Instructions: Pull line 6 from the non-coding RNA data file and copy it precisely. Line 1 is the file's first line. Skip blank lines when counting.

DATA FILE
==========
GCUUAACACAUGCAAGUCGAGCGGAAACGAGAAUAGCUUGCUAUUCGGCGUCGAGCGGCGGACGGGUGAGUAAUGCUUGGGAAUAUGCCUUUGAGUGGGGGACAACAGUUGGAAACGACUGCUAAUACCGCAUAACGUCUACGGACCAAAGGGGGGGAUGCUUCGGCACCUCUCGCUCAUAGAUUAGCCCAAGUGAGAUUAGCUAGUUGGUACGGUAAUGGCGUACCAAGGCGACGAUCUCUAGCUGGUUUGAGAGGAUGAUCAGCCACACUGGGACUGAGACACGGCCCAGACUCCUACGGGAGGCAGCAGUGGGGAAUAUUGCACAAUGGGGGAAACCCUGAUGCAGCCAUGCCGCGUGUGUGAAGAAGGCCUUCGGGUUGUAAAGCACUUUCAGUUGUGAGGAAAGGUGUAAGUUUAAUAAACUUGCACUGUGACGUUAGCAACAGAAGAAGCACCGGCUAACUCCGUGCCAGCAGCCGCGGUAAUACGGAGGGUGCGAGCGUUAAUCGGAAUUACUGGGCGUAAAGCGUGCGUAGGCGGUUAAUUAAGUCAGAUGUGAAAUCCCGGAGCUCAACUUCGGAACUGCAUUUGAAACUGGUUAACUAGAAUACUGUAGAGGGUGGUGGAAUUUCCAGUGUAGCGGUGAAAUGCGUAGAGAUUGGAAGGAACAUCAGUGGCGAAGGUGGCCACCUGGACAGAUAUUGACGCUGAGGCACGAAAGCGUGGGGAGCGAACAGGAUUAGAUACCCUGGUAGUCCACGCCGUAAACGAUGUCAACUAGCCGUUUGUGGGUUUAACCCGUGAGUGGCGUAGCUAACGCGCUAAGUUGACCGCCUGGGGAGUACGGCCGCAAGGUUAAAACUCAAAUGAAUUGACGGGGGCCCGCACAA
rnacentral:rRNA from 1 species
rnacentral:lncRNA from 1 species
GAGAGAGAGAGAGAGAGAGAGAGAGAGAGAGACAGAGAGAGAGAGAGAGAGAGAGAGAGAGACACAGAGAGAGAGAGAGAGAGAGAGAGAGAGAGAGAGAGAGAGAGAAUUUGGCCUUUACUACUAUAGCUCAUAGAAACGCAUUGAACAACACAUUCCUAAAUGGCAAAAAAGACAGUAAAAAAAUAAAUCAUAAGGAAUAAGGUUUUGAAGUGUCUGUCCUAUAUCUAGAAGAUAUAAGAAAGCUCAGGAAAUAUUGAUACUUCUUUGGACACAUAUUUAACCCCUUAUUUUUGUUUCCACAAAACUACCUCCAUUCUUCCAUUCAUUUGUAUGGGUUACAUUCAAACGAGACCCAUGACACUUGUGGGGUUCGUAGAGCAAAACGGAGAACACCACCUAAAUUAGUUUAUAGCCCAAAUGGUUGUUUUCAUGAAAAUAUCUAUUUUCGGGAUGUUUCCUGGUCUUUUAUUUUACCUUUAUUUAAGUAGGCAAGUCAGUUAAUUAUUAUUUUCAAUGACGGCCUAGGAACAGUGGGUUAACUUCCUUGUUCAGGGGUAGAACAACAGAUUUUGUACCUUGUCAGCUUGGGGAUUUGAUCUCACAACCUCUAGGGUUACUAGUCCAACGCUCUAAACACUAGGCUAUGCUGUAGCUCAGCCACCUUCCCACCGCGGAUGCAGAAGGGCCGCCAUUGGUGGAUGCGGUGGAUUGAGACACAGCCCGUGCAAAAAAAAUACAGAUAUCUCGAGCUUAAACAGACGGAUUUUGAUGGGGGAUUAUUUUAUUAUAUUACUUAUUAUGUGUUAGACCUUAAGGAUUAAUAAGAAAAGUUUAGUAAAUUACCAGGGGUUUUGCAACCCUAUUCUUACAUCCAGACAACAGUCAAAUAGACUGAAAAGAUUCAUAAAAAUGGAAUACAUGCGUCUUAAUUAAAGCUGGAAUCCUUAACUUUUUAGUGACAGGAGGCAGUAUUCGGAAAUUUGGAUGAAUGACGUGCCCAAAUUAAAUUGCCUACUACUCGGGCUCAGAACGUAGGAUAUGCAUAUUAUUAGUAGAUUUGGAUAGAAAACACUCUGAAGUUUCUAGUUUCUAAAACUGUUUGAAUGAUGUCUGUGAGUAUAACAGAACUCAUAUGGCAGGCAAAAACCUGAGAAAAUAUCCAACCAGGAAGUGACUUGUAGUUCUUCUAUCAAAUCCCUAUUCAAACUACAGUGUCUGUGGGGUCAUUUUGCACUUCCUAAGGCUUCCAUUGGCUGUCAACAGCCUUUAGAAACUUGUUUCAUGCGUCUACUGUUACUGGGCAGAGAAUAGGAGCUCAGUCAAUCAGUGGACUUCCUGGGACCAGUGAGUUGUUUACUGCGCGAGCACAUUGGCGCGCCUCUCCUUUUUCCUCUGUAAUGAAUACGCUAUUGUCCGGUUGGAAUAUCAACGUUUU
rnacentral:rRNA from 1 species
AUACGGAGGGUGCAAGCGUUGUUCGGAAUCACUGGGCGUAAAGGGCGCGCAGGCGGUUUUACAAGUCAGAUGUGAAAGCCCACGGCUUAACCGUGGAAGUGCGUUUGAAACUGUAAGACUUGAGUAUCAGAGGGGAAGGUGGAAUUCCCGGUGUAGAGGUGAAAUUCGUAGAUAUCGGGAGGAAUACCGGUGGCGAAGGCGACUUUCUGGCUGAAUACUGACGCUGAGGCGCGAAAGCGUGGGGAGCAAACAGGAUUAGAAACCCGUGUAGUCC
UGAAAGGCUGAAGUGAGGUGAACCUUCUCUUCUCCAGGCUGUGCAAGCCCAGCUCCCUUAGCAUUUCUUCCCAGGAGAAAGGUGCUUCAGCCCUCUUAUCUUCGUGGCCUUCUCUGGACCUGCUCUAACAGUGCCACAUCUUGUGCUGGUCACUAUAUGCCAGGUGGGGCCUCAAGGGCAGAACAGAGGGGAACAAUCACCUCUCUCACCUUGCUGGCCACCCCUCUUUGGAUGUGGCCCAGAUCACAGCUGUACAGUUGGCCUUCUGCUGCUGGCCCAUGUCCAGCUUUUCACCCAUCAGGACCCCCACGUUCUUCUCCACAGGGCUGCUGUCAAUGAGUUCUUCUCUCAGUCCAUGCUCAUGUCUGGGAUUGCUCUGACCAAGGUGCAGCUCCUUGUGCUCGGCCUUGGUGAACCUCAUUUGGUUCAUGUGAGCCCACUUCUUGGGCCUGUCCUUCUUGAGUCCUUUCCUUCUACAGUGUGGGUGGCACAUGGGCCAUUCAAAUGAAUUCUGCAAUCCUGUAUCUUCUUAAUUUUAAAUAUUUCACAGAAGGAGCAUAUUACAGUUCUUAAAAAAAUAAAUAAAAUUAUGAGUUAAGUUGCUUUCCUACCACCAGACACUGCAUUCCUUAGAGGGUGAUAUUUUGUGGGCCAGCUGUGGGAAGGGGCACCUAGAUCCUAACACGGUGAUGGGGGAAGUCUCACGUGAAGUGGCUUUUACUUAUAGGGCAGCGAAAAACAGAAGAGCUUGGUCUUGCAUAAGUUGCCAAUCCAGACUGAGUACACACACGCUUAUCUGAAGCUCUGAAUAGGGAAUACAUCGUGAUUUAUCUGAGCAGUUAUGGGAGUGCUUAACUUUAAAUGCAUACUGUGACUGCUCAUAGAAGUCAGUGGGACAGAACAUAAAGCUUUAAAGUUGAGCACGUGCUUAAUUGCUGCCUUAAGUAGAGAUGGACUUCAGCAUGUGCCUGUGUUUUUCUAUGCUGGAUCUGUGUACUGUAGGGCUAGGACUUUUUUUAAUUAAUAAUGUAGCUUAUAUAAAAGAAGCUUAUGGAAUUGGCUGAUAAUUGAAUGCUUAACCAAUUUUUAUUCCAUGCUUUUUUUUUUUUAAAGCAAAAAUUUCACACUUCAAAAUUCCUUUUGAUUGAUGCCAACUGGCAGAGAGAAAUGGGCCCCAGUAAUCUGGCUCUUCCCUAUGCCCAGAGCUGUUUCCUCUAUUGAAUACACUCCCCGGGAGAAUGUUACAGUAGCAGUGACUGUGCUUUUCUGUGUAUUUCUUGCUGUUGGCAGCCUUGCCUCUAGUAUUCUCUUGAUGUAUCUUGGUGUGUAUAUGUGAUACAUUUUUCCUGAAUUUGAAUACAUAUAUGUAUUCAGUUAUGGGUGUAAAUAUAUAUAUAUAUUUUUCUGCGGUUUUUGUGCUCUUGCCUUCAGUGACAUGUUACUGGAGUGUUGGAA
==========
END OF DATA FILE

AUACGGAGGGUGCAAGCGUUGUUCGGAAUCACUGGGCGUAAAGGGCGCGCAGGCGGUUUUACAAGUCAGAUGUGAAAGCCCACGGCUUAACCGUGGAAGUGCGUUUGAAACUGUAAGACUUGAGUAUCAGAGGGGAAGGUGGAAUUCCCGGUGUAGAGGUGAAAUUCGUAGAUAUCGGGAGGAAUACCGGUGGCGAAGGCGACUUUCUGGCUGAAUACUGACGCUGAGGCGCGAAAGCGUGGGGAGCAAACAGGAUUAGAAACCCGUGUAGUCC